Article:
A person employed in one of the university clinics in the country did an HIV test in the laboratory, where he got a positive result. The test result of the HIV test must be confirmed and assessed by a doctor, however very shortly after that, he realized that the information about his HIV status has been shared with most of his colleagues. It was spread around the clinic as a gossip and violated his right to privacy. What’s more, positive results from viral markers had already been entered into the medical system, although, according to Protocol until confirmatory tests were done at the University Clinic for Infectious Diseases and Febrile Conditions/Institute of Public Health, the results cannot be considered confirmed and no diagnosis must be entered in the patient’s medical record.
Flagrant violation of privacy
Some of his colleagues immediately changed their attitude towards him, openly letting him know that they no longer wanted to work with him, because they were afraid that he would transmit the virus to them somehow and that he was a danger. He faced rejection from certain colleagues, humiliation and avoidance. He was extremely surprised that as medical staff, his colleagues were not aware of the way of the HIV transmission. He immediately spoke openly with some of them and tried to explain that there is absolutely no way that it can be transmitted through air, touch, use on the same toilet, cutlery, equipment, etc. And that there really is no potential danger of them getting HIV just because they work in the same workplace, nor that there is any danger in relation to patients receiving health services from his side. His efforts were unsuccessful and certain colleagues continued to behave rudely and humiliatingly with the intention of forcing him to quit his job.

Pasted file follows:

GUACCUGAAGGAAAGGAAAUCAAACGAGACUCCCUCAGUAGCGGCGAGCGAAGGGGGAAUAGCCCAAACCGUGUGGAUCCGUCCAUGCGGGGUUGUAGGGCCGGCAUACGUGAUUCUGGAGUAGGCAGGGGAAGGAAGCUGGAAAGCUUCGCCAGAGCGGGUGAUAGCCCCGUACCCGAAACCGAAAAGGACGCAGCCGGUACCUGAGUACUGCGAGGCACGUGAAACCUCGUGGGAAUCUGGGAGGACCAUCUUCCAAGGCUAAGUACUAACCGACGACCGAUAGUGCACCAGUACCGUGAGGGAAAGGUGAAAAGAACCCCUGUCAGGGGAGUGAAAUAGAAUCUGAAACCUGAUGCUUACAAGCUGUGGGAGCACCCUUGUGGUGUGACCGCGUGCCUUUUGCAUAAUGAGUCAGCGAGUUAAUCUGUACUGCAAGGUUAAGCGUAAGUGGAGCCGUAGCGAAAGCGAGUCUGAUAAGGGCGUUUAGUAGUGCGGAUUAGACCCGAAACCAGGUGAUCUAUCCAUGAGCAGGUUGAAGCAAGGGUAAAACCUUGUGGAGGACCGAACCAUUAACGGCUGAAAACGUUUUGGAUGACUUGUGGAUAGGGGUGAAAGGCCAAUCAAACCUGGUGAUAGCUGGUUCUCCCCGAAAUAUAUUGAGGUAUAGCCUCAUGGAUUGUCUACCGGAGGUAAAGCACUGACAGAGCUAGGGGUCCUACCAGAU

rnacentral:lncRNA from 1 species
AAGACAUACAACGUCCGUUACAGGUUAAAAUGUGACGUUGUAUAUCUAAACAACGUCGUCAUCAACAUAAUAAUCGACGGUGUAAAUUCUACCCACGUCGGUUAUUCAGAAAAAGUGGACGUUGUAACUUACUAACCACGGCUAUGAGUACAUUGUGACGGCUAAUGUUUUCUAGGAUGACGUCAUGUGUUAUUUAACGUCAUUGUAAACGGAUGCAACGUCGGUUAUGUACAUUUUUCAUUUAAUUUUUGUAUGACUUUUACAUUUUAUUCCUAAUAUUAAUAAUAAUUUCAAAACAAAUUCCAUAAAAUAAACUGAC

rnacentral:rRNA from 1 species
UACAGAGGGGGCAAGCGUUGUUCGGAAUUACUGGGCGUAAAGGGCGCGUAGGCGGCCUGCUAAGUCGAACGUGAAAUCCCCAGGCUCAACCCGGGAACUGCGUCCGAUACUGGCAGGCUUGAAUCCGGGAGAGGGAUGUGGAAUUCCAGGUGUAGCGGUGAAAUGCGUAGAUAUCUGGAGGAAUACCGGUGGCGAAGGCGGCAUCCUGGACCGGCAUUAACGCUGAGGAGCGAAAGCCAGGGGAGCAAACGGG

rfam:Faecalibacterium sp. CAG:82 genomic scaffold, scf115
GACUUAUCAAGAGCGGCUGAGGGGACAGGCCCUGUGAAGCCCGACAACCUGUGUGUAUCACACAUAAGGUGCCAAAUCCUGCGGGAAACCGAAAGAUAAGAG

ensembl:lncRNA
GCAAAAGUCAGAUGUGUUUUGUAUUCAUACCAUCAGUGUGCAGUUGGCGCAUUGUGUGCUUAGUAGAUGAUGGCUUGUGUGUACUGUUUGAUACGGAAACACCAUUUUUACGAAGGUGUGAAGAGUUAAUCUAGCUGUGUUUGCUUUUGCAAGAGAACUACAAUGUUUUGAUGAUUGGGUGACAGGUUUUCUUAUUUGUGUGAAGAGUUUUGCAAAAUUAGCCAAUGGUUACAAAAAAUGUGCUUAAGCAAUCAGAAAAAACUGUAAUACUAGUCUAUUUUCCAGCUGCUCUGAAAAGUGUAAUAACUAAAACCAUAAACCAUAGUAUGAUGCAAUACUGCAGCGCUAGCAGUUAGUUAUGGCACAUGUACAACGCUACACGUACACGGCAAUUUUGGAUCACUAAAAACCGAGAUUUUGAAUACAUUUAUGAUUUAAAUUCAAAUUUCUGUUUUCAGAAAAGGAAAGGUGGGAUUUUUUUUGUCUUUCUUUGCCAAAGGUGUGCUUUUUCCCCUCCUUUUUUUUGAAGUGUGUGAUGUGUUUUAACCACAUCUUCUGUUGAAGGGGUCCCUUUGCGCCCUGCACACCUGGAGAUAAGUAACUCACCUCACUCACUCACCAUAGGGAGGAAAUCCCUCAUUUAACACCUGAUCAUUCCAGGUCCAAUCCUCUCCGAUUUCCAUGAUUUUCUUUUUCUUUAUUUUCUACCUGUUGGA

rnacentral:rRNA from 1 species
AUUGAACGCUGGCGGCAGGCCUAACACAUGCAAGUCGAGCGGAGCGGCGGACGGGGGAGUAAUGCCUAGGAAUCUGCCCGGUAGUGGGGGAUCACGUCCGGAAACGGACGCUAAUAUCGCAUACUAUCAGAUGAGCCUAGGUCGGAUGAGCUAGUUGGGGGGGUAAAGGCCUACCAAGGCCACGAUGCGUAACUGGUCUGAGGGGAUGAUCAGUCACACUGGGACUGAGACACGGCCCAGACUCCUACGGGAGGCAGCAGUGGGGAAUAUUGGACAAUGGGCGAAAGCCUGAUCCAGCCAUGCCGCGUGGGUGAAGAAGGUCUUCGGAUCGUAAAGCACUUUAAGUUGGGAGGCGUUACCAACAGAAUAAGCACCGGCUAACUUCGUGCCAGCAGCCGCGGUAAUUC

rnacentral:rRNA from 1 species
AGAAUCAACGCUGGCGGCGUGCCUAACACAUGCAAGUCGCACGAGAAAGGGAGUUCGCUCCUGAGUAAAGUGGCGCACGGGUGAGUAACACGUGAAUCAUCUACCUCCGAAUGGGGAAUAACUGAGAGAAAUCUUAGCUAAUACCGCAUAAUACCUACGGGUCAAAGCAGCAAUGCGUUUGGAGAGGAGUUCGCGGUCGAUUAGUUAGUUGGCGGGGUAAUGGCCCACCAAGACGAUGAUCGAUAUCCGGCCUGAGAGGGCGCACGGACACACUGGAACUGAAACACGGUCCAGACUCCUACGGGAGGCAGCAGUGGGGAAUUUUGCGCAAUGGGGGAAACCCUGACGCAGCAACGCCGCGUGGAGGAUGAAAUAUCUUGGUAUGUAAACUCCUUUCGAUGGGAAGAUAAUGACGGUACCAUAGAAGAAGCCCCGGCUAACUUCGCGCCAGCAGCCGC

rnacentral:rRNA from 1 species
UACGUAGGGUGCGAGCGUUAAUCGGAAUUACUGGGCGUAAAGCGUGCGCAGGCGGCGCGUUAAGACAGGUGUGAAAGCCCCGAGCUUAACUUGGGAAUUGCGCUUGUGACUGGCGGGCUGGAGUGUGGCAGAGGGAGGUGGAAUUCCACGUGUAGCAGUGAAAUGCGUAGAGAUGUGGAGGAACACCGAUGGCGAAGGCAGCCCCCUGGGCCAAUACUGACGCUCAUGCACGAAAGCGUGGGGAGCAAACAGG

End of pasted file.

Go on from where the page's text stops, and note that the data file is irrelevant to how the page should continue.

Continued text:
The patient’s rights were also violated in relation to the release of a professional secret, that is, even though he was an employee, he, as a patient, requested a health service: HIV testing within the Clinic, which violated his rights to health care and he faced discrimination as well. In his case, the results of the HIV test were shared with almost all of his colleagues, which is a flagrant violation of privacy and the duty of professional secrecy by the doctor who processed his HIV test data. And all this, because it is about the HIV (a type of health condition about which his colleagues apparently have no knowledge, only prejudices) they assumed that once he was HIV positive, he must be a homosexual as well.